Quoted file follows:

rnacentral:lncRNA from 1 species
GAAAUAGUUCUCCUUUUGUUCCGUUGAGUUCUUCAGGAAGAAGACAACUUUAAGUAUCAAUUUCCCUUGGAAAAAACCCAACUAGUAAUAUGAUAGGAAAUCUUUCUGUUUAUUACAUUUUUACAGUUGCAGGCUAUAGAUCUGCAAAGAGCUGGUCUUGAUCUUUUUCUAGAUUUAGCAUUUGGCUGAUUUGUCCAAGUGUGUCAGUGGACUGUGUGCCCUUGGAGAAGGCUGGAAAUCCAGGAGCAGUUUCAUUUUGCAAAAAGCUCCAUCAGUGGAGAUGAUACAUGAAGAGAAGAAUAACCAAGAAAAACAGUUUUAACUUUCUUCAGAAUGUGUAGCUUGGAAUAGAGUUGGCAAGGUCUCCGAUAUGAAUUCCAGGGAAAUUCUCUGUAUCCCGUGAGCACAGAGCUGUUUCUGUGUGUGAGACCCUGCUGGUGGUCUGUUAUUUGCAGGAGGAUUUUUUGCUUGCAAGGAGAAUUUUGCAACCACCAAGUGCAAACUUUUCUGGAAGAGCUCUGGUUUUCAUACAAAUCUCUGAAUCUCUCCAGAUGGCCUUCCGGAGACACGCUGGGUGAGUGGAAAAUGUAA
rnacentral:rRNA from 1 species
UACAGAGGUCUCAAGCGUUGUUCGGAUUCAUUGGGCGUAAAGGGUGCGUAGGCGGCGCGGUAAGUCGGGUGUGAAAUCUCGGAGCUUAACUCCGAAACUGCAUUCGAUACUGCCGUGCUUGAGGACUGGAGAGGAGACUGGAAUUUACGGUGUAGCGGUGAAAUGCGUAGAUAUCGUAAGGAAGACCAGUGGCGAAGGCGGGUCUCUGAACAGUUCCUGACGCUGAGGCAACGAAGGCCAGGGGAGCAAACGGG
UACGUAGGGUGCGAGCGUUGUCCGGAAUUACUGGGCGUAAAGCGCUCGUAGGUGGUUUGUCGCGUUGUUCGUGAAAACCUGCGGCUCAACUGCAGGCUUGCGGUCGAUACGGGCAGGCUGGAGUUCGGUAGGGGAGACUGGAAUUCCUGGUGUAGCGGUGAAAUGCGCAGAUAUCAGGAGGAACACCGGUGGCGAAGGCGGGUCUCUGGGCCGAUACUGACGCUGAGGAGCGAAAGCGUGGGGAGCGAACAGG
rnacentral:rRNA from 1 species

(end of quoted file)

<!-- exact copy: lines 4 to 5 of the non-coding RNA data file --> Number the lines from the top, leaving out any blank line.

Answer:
UACAGAGGUCUCAAGCGUUGUUCGGAUUCAUUGGGCGUAAAGGGUGCGUAGGCGGCGCGGUAAGUCGGGUGUGAAAUCUCGGAGCUUAACUCCGAAACUGCAUUCGAUACUGCCGUGCUUGAGGACUGGAGAGGAGACUGGAAUUUACGGUGUAGCGGUGAAAUGCGUAGAUAUCGUAAGGAAGACCAGUGGCGAAGGCGGGUCUCUGAACAGUUCCUGACGCUGAGGCAACGAAGGCCAGGGGAGCAAACGGG
UACGUAGGGUGCGAGCGUUGUCCGGAAUUACUGGGCGUAAAGCGCUCGUAGGUGGUUUGUCGCGUUGUUCGUGAAAACCUGCGGCUCAACUGCAGGCUUGCGGUCGAUACGGGCAGGCUGGAGUUCGGUAGGGGAGACUGGAAUUCCUGGUGUAGCGGUGAAAUGCGCAGAUAUCAGGAGGAACACCGGUGGCGAAGGCGGGUCUCUGGGCCGAUACUGACGCUGAGGAGCGAAAGCGUGGGGAGCGAACAGG